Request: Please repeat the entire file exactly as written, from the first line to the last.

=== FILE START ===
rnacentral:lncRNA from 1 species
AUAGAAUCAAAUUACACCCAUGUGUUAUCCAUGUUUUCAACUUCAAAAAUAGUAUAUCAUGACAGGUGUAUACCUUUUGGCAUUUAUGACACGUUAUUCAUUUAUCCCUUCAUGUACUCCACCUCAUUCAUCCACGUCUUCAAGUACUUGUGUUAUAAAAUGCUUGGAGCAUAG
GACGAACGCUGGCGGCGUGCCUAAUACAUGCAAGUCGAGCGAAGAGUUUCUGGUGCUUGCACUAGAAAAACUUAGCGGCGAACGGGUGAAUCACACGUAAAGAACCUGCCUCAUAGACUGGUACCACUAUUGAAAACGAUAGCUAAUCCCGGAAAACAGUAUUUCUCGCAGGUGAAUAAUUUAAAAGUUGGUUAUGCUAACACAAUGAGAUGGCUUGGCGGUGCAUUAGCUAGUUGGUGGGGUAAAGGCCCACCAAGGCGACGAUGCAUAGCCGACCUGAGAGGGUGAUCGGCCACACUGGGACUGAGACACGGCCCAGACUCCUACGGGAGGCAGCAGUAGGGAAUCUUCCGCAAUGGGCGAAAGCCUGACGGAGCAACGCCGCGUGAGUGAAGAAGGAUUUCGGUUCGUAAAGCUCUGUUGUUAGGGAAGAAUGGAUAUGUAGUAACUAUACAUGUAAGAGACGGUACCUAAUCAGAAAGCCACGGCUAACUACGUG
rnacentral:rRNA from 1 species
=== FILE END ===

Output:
rnacentral:lncRNA from 1 species
AUAGAAUCAAAUUACACCCAUGUGUUAUCCAUGUUUUCAACUUCAAAAAUAGUAUAUCAUGACAGGUGUAUACCUUUUGGCAUUUAUGACACGUUAUUCAUUUAUCCCUUCAUGUACUCCACCUCAUUCAUCCACGUCUUCAAGUACUUGUGUUAUAAAAUGCUUGGAGCAUAG
GACGAACGCUGGCGGCGUGCCUAAUACAUGCAAGUCGAGCGAAGAGUUUCUGGUGCUUGCACUAGAAAAACUUAGCGGCGAACGGGUGAAUCACACGUAAAGAACCUGCCUCAUAGACUGGUACCACUAUUGAAAACGAUAGCUAAUCCCGGAAAACAGUAUUUCUCGCAGGUGAAUAAUUUAAAAGUUGGUUAUGCUAACACAAUGAGAUGGCUUGGCGGUGCAUUAGCUAGUUGGUGGGGUAAAGGCCCACCAAGGCGACGAUGCAUAGCCGACCUGAGAGGGUGAUCGGCCACACUGGGACUGAGACACGGCCCAGACUCCUACGGGAGGCAGCAGUAGGGAAUCUUCCGCAAUGGGCGAAAGCCUGACGGAGCAACGCCGCGUGAGUGAAGAAGGAUUUCGGUUCGUAAAGCUCUGUUGUUAGGGAAGAAUGGAUAUGUAGUAACUAUACAUGUAAGAGACGGUACCUAAUCAGAAAGCCACGGCUAACUACGUG
rnacentral:rRNA from 1 species